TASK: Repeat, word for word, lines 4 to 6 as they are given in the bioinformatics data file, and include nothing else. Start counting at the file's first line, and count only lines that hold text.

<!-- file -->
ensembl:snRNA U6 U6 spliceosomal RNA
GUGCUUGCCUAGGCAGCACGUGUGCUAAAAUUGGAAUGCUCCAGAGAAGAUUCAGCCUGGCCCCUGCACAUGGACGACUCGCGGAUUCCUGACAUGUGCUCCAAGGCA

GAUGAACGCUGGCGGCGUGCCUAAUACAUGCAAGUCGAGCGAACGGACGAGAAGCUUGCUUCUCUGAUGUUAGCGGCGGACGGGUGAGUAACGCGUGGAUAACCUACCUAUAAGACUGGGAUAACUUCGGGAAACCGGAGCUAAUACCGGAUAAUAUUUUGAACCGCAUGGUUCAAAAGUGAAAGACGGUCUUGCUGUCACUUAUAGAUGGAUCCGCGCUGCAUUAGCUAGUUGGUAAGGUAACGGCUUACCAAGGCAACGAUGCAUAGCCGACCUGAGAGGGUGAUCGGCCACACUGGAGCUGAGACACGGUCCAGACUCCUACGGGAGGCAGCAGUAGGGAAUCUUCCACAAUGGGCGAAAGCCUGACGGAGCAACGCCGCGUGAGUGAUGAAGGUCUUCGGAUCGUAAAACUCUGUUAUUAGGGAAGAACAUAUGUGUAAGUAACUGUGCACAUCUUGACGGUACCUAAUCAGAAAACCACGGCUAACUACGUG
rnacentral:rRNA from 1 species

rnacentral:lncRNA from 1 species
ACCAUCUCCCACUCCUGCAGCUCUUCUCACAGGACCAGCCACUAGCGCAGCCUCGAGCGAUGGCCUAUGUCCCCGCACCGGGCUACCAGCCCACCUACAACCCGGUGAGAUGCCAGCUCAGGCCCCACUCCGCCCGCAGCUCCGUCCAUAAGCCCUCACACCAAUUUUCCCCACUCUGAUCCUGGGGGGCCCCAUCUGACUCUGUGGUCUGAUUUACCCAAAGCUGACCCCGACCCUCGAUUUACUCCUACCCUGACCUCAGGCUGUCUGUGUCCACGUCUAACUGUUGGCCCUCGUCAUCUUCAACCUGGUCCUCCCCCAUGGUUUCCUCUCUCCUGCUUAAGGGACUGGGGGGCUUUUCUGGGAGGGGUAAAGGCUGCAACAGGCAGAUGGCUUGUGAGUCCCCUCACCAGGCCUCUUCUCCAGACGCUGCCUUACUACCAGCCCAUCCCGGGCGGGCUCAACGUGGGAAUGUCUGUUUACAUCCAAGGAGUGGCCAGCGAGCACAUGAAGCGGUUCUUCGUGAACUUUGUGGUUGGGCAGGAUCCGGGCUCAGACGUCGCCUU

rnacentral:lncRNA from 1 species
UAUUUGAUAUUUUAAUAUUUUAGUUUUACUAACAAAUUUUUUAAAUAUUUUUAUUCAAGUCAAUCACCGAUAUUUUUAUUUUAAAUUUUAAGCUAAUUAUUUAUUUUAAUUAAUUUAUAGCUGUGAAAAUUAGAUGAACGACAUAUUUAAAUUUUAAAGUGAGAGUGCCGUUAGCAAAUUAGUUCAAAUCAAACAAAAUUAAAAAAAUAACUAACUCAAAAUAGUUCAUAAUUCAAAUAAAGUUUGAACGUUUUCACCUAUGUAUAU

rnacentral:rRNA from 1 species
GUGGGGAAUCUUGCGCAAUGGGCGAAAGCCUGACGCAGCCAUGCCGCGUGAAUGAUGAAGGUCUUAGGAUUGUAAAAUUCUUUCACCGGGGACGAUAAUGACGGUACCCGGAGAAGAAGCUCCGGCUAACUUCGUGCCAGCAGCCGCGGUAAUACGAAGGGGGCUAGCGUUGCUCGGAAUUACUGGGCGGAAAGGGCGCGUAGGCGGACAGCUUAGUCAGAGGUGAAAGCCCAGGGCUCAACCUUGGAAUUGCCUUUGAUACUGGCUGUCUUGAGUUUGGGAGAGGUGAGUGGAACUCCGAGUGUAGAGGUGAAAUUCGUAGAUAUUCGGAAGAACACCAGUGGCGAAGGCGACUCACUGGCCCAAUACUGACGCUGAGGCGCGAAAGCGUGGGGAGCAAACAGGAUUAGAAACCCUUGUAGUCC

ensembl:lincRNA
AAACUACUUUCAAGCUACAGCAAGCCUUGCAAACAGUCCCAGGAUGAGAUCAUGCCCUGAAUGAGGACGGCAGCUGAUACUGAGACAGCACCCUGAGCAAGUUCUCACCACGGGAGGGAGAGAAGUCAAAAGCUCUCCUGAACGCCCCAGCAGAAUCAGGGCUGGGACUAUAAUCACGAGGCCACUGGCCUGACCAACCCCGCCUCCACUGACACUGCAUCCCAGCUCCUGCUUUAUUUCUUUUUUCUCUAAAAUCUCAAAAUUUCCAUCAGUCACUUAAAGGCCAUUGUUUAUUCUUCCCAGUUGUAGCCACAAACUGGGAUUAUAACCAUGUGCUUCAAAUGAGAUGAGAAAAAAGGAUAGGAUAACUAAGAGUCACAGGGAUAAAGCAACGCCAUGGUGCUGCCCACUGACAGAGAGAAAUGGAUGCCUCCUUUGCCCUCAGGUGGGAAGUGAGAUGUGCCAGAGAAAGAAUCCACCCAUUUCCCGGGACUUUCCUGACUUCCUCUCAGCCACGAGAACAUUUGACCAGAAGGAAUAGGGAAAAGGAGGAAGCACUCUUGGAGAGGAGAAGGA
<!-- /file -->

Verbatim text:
rnacentral:rRNA from 1 species

rnacentral:lncRNA from 1 species
ACCAUCUCCCACUCCUGCAGCUCUUCUCACAGGACCAGCCACUAGCGCAGCCUCGAGCGAUGGCCUAUGUCCCCGCACCGGGCUACCAGCCCACCUACAACCCGGUGAGAUGCCAGCUCAGGCCCCACUCCGCCCGCAGCUCCGUCCAUAAGCCCUCACACCAAUUUUCCCCACUCUGAUCCUGGGGGGCCCCAUCUGACUCUGUGGUCUGAUUUACCCAAAGCUGACCCCGACCCUCGAUUUACUCCUACCCUGACCUCAGGCUGUCUGUGUCCACGUCUAACUGUUGGCCCUCGUCAUCUUCAACCUGGUCCUCCCCCAUGGUUUCCUCUCUCCUGCUUAAGGGACUGGGGGGCUUUUCUGGGAGGGGUAAAGGCUGCAACAGGCAGAUGGCUUGUGAGUCCCCUCACCAGGCCUCUUCUCCAGACGCUGCCUUACUACCAGCCCAUCCCGGGCGGGCUCAACGUGGGAAUGUCUGUUUACAUCCAAGGAGUGGCCAGCGAGCACAUGAAGCGGUUCUUCGUGAACUUUGUGGUUGGGCAGGAUCCGGGCUCAGACGUCGCCUU